John Sarrao became SLAC National Accelerator Laboratory’s sixth director in October 2023. The lab’s ~2,000 staff advance the frontiers of science by exploring how the universe works at the biggest, smallest, and fastest scales and invent powerful tools used by scientists around the globe. SLAC’s research helps solve real-world problems and advances the interests of the nation. SLAC is operated by Stanford University for the U.S. Department of Energy’s Office of Science. It is home to three Office of Science national user facilities: the Linac Coherent Light Source (LCLS), the world’s most powerful X-ray laser; the Stanford Synchrotron Radiation Lightsource (SSRL); and the Facility for Advanced Accelerator Experimental Tests, (FACET-II). SLAC hosts nearly 1,000 users each year and manages an annual budget of ~$700M. In addition to his role as lab director, John is a professor of photon science at Stanford University, a senior fellow at Stanford’s Precourt Institute, and dean of SLAC faculty.

John came to SLAC from Los Alamos National Laboratory (LANL) in New Mexico, where he served as the deputy director for science, technology, and engineering. In that role, he led multiple directorates, including chemistry, earth and life sciences, global security, physical sciences, and simulation and computation. He also stewarded technology transitions and served as LANL’s chief research officer in support of its national security mission. Before becoming deputy director, he served as associate director for theory, simulation, and computation and division leader for materials physics and applications at LANL.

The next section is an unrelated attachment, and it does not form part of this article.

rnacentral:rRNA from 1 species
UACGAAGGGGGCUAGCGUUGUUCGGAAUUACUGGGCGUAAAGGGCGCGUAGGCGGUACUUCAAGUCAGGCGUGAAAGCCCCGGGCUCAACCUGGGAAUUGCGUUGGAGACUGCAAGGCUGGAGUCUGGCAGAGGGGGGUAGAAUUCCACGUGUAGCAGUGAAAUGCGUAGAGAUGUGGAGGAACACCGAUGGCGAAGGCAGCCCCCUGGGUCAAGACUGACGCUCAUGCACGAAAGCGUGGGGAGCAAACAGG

John’s scientific research focus is superconductivity in materials. He studies the synthesis and characterization of correlated electron systems, especially actinide materials. He won the 2013 Department of Energy’s E.O. Lawrence Award and is a fellow of the American Association for the Advancement of Science, the American Physical Society, and LANL. John received his PhD and master’s degree in physics from the University of California, Los Angeles, and a bachelor’s degree in physics from Stanford University.

Academic Appointments

Honors & Awards

  • Department of Energy Secretary's Achievement Award - The Science and Technology Risk Matrix Team, U.S. Department of Energy (2020)
  • Department of Energy Secretary’s Appreciation Award - Technology Convergence Working Group, U.S. Department of Energy (2017)
  • E.O. Lawrence Award, U.S. Department of Energy (2013)
  • Fellow, Los Alamos National Laboratory (2010)
  • Fellow, American Association for the Advancement of Science (AAAS) (2009)
  • Fellow, American Physical Society (2005)
  • Fellows Prize for Outstanding Research, Los Alamos National Laboratory (2004)
  • Director’s Development Program, Los Alamos National Laboratory (2003)

Professional Education

  • Ph.D., University of California Los Angeles, Physics (1993)
  • M.S., University of California, Los Angeles, Physics (1991)
  • B.S., Stanford University, Physics (1989)